Barkcloth Panel (Masi Kesa), late 19th–early 20th century
Naitauba, Lau Islands, Fiji
Barkcloth, pigment; L. 165 in. (419.1 cm)
Gift of Elizabeth S. Williams, 1977 (1977.395.5)
This richly patterned textile from the Lau Islands in Fiji exhibits the complex imagery typical of many examples of Polynesian barkcloth. Often referred to using the general term tapa, barkcloth is a clothlike material manufactured from the inner bark of certain species of tree. Practiced, in the majority of Polynesian cultures, exclusively by women, tapa making is one of the most important and widespread art forms in Polynesia. Both now and in the past, the display and exchange of large pieces of barkcloth form important components of ceremonial life in many areas of Polynesia. In earlier times, tapa was also the primary material used for clothing.
The creation of tapa is accomplished in several stages. Women initially remove small strips of bark from the tree, which are soaked in water and treated to make them soft and pliable. Using clublike wood implements known as tapa beaters, they later beat the strips on a long rectangular block or "anvil" to form individual pieces of cloth. The edges of these smaller pieces are then glued or felted together to produce large sheets.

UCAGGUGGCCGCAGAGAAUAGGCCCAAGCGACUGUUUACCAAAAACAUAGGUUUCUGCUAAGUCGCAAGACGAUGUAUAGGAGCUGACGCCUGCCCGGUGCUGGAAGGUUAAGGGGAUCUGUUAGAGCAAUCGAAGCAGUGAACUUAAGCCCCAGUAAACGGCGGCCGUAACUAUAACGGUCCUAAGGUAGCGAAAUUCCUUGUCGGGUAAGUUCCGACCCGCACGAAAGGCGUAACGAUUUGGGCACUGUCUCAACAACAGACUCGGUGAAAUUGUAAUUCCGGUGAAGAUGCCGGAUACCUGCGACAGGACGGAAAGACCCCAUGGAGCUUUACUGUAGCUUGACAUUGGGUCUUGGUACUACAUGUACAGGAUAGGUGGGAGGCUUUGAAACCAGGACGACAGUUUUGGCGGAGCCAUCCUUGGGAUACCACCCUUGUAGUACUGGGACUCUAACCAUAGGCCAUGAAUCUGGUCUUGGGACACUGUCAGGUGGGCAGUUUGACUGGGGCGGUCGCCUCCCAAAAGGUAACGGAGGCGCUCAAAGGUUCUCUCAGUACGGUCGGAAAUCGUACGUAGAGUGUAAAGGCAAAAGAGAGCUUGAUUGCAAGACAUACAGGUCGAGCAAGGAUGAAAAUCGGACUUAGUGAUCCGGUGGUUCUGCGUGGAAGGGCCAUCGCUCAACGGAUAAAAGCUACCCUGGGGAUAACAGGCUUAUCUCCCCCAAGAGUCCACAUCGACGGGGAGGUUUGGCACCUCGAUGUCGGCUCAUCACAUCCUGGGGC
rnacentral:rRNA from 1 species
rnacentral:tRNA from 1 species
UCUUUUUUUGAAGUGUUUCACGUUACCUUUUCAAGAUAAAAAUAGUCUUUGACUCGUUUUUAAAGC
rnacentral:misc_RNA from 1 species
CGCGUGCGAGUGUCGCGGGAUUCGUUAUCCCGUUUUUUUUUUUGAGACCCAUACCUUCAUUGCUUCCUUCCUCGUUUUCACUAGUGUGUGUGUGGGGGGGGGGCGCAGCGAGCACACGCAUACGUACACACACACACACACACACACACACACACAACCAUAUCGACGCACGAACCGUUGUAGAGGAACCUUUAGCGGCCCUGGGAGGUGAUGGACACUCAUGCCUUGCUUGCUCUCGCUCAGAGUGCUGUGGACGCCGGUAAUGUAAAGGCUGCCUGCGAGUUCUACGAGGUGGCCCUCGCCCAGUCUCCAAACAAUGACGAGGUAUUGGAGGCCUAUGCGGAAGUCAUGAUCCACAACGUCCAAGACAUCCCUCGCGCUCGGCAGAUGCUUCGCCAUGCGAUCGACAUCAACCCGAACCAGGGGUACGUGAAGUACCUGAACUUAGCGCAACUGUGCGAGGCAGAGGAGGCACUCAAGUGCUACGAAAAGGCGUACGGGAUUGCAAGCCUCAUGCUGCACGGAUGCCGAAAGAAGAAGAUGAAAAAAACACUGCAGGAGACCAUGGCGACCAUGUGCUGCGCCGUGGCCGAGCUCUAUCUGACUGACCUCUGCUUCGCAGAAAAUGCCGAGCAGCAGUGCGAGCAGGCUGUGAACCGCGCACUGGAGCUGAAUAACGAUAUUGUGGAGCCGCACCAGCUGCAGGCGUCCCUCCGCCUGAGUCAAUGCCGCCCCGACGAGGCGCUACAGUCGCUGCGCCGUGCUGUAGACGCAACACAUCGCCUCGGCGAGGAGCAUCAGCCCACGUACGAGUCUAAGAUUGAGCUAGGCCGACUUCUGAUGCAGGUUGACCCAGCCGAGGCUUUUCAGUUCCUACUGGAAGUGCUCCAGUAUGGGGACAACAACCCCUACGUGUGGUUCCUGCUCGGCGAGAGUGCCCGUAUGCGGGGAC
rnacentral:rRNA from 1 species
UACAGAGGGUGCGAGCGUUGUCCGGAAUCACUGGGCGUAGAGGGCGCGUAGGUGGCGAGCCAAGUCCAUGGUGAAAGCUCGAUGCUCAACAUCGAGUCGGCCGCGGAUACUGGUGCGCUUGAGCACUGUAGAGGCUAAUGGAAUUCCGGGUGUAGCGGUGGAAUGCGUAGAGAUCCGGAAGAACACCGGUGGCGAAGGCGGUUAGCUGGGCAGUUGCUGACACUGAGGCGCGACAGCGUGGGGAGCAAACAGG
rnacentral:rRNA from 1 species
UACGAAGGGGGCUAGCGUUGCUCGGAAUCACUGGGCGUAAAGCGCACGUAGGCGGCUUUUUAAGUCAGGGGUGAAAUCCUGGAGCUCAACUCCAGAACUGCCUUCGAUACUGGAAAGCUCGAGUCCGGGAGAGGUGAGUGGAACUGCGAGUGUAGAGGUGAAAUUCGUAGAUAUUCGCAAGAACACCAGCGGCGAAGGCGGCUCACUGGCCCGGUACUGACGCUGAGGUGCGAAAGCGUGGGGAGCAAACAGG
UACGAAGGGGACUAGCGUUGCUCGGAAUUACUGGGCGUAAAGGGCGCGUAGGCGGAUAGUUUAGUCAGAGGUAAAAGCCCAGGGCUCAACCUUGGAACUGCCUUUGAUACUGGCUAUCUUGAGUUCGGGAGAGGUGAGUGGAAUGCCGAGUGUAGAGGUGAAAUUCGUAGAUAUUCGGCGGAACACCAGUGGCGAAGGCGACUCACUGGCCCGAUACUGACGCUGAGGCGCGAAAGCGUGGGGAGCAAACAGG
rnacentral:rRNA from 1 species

The finished tapa is decorated using techniques that vary from region to region. These include stencilling (as in the present example), printing, dyeing, and freehand painting. The repeating geometric motifs on many tapa cloths at times resemble those seen on pottery produced by the Lapita peoples, who were the ancestors of present-day Polynesians. This has led some scholars to suggest that the designs seen in some contemporary Polynesian tapa and tattoos reflect the artistic continuity of elements from the earlier Lapita traditions.